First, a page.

Put the cold butter and coconut oil in the bowl of a stand mixer with the paddle attachment and beat on medium-high speed until there are no lumps in the oil. (If you don’t have a stand mixer, mix the two together with a wooden spoon.) If the coconut oil is too soft put the mixture in the fridge. If too cold, zap for a few seconds in the microwave. Lay a piece of plastic wrap on the counter or in a square bowl and place the butter mixture in the middle. Enclose it and shape into a 4- by 4-inch square. Chill the butter for 20 to 30 minutes.

Remove the dough from the refrigerator. Roll the dough on a lightly floured countertop, so it forms a diamond shape with four flaps – two on top, two on the bottom, leaving the dough raised a bit in the center. (See the photo in the post.)

Unwrap the chilled square of butter and place it in the center. Fold the flaps over the butter, sealing the dough around the butter completely, and whack the dough with a rolling pin to flatten it out. Roll the dough into a 12- by 9-inch (30 by 22cm) rectangle.

Lift up one-third of the left side of the dough and fold it over the center. Then lift the right side of the dough over the center, to create a rectangle. Take the rolling pin and press down on the dough two times, making an X across it. Mark the dough with one dimple with your finger to remind you that you’ve made one “turn”, wrap it in plastic wrap, and chill the dough for 45 to 60 minutes.

Do the next turn of the dough the same way, rolling and folding the dough again, making 2 dimples with your finger in the dough, then chill it for another 45 to 60 minutes.

Do the last turn and folding of the dough and let it chill for an hour.

If there are any large pieces of butter or coconut oil, remove from the dough.

Shaping croissants
Line a baking sheet with parchment paper or a silicone baking mat. Unwrap the dough and roll it out on a lightly floured countertop until it’s a 15 x 9-inch rectangle. Trim the edges with a sharp chef’s knife and cut the dough into 4 rectangles, then cut each into 3 rectangles diagonally, making 6 triangles, or to make chocolate croissants, cut in half (see photo for process).

For plain croissants
Take one triangle and roll to lengthen it to 11 inches (28cm) long. Starting at the wide end, roll the croissant up toward the point, not too-tightly. Set it point-side-up on the baking sheet and roll the rest of the croissants the same way.

For chocolate and chocolate/coconut
There are two methods you can use. For chocolate croissants, cut rectangles in half and place a square of chocolate in the center. Fold over the sides and place the seam on the bottom of the croissants.

Small chocolate chips or crumbles and/or coconut butter (or really, a lot of things) can be added to the triangles and then rolled as described above. (See pictures for better description.)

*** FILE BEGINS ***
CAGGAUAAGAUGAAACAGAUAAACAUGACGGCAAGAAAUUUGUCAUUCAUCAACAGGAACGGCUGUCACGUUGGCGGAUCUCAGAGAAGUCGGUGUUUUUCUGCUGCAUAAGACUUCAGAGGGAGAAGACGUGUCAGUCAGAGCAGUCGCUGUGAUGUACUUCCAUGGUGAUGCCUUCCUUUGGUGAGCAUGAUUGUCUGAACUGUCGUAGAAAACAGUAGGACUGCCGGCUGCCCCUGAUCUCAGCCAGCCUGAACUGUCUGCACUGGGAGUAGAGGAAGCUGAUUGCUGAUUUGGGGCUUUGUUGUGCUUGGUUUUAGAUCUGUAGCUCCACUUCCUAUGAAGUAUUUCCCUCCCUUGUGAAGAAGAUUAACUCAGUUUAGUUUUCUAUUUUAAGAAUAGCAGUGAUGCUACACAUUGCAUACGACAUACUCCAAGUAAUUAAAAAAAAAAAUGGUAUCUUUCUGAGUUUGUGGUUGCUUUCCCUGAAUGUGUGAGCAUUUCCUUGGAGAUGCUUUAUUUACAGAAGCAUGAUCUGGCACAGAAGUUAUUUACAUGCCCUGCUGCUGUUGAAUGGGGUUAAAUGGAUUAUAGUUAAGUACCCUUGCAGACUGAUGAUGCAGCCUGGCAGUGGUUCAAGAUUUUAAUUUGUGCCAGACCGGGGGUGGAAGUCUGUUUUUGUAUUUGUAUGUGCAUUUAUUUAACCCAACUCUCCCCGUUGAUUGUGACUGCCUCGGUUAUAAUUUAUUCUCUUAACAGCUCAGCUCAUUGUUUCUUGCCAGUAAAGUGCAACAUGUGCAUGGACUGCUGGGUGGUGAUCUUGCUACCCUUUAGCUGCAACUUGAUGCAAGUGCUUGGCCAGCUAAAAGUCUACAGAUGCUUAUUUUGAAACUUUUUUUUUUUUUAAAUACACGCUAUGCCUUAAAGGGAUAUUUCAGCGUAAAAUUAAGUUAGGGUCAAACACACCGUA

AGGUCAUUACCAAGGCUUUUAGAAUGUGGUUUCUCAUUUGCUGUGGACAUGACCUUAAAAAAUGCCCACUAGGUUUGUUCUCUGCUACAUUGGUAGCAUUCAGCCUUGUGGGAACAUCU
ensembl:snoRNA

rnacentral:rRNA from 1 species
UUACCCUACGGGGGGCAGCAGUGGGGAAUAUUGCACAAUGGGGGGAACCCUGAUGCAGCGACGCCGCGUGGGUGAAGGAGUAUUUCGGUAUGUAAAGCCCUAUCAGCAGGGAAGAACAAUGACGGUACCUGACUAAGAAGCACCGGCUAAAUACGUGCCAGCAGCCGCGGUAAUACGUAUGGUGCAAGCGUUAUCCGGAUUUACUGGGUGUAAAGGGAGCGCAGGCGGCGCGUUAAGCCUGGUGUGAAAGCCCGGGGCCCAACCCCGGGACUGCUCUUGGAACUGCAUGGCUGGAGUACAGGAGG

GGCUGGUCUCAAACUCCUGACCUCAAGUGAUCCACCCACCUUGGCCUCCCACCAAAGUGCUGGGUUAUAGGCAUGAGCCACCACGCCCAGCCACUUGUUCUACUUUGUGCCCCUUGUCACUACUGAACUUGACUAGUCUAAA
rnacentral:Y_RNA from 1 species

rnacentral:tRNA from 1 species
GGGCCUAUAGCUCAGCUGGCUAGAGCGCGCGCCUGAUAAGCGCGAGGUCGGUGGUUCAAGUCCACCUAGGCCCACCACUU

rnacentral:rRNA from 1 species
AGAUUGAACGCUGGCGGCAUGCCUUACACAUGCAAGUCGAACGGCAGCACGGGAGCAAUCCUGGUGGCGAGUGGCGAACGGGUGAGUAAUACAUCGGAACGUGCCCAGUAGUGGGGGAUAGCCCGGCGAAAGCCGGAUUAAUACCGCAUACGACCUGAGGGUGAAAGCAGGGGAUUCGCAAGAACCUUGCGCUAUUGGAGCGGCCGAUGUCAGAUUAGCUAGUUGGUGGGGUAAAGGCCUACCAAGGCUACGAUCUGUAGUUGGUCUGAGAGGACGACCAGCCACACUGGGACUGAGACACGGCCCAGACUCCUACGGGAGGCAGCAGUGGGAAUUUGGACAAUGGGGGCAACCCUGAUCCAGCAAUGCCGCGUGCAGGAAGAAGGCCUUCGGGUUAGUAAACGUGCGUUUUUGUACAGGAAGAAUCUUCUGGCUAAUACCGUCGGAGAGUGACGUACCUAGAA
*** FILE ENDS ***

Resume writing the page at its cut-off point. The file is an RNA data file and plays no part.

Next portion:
Proof or Freeze
To proof the croissants, cover the baking sheet with a large plastic bag (such as a clean trash bag), close it, and let the croissants proof in a warm place until the croissants are nearly doubled and puffed up, which will take 1 1/2 to 2 hours.

To freeze the croissants before baking. Cover the baking sheet with plastic wrap before proofing and place the sheet pan in the freezer. Once the croissants are frozen, you can take them off the sheet pan and store in a large freezer bag.

To bake the frozen croissants. Take them out of the freezer the night before and place on a baking sheet, cover the croissants with plastic wrap and place it in the fridge. The next morning if the croissants have not yet doubled in volume, keep covered with plastic and place the croissants in a warm place until doubled.

Bake
Preheat the oven to 400ºF (200ºC.) Mix the egg with a pinch of salt and brush each croissant with the glaze. Bake the croissants for 5 minutes, then reduce the heat of the oven to 350ºF, and bake for 20 to 25 minutes, until browned. Some butter may seep out during baking, which is normal.

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Camping: Breakfast, s’mores, and more

We’ve been away from our computers, road-tripping through the west to run a couple of half-marathon races hosted by Vacation Races in Teton National Park in Wyoming and West Yellowstone, Montana. After what felt like marathon drives through California, Nevada, Utah, Wyoming, Montana, and Idaho, we got to spend a week with family in the hills, camping and touring the parks, fishing, and running.

It has been too many years since our last summer camping trip. So it was a great treat to start June with a week of camping in Island Park, Idaho. It was beautiful, if unseasonably warm, but that didn’t stop us from building camp fires, roasting marshmallows and cooking on coals and grills.

Our camp cooking included the essential s’mores, grilled fresh trout from the nearby Island Park reservoir and Henry’s Lake, a delicious breakfast for dinner cooked completely al fresco, and an occasional smokey reprieve from the darned mosquitos that drove us crazy most of the time.